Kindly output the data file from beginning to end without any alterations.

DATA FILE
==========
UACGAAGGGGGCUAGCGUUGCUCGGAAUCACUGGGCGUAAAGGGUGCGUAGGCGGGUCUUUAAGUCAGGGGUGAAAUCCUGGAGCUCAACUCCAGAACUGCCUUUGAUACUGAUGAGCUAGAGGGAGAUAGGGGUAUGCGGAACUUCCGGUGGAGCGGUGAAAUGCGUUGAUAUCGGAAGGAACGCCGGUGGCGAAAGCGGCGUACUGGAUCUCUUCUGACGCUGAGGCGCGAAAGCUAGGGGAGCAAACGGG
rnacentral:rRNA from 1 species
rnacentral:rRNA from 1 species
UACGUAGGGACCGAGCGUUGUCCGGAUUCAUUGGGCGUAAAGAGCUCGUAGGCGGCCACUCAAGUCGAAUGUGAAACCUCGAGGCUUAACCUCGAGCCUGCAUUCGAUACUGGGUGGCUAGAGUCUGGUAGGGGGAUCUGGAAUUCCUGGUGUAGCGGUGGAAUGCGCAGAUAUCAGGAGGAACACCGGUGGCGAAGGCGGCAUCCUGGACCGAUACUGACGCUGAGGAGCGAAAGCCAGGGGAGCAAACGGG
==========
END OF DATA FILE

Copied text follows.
UACGAAGGGGGCUAGCGUUGCUCGGAAUCACUGGGCGUAAAGGGUGCGUAGGCGGGUCUUUAAGUCAGGGGUGAAAUCCUGGAGCUCAACUCCAGAACUGCCUUUGAUACUGAUGAGCUAGAGGGAGAUAGGGGUAUGCGGAACUUCCGGUGGAGCGGUGAAAUGCGUUGAUAUCGGAAGGAACGCCGGUGGCGAAAGCGGCGUACUGGAUCUCUUCUGACGCUGAGGCGCGAAAGCUAGGGGAGCAAACGGG
rnacentral:rRNA from 1 species
rnacentral:rRNA from 1 species
UACGUAGGGACCGAGCGUUGUCCGGAUUCAUUGGGCGUAAAGAGCUCGUAGGCGGCCACUCAAGUCGAAUGUGAAACCUCGAGGCUUAACCUCGAGCCUGCAUUCGAUACUGGGUGGCUAGAGUCUGGUAGGGGGAUCUGGAAUUCCUGGUGUAGCGGUGGAAUGCGCAGAUAUCAGGAGGAACACCGGUGGCGAAGGCGGCAUCCUGGACCGAUACUGACGCUGAGGAGCGAAAGCCAGGGGAGCAAACGGG